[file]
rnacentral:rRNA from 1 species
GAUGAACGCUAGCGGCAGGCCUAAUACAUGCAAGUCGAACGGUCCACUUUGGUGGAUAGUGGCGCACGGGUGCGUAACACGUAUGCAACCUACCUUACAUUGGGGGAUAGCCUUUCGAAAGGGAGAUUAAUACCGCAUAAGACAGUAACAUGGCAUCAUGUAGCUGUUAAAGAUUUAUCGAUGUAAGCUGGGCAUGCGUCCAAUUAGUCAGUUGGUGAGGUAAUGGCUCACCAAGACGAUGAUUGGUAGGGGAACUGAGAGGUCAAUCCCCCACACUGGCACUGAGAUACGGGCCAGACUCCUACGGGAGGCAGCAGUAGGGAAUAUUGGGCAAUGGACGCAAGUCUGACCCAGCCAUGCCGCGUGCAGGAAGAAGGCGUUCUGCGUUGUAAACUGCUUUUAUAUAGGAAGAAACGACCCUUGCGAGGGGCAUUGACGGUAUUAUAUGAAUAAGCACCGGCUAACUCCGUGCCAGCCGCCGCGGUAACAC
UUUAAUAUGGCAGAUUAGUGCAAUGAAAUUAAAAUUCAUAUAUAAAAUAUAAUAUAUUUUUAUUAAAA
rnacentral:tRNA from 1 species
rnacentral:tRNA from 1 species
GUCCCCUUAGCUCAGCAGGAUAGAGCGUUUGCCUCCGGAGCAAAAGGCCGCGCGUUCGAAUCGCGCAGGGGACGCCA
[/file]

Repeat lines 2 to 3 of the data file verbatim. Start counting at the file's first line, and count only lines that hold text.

GAUGAACGCUAGCGGCAGGCCUAAUACAUGCAAGUCGAACGGUCCACUUUGGUGGAUAGUGGCGCACGGGUGCGUAACACGUAUGCAACCUACCUUACAUUGGGGGAUAGCCUUUCGAAAGGGAGAUUAAUACCGCAUAAGACAGUAACAUGGCAUCAUGUAGCUGUUAAAGAUUUAUCGAUGUAAGCUGGGCAUGCGUCCAAUUAGUCAGUUGGUGAGGUAAUGGCUCACCAAGACGAUGAUUGGUAGGGGAACUGAGAGGUCAAUCCCCCACACUGGCACUGAGAUACGGGCCAGACUCCUACGGGAGGCAGCAGUAGGGAAUAUUGGGCAAUGGACGCAAGUCUGACCCAGCCAUGCCGCGUGCAGGAAGAAGGCGUUCUGCGUUGUAAACUGCUUUUAUAUAGGAAGAAACGACCCUUGCGAGGGGCAUUGACGGUAUUAUAUGAAUAAGCACCGGCUAACUCCGUGCCAGCCGCCGCGGUAACAC
UUUAAUAUGGCAGAUUAGUGCAAUGAAAUUAAAAUUCAUAUAUAAAAUAUAAUAUAUUUUUAUUAAAA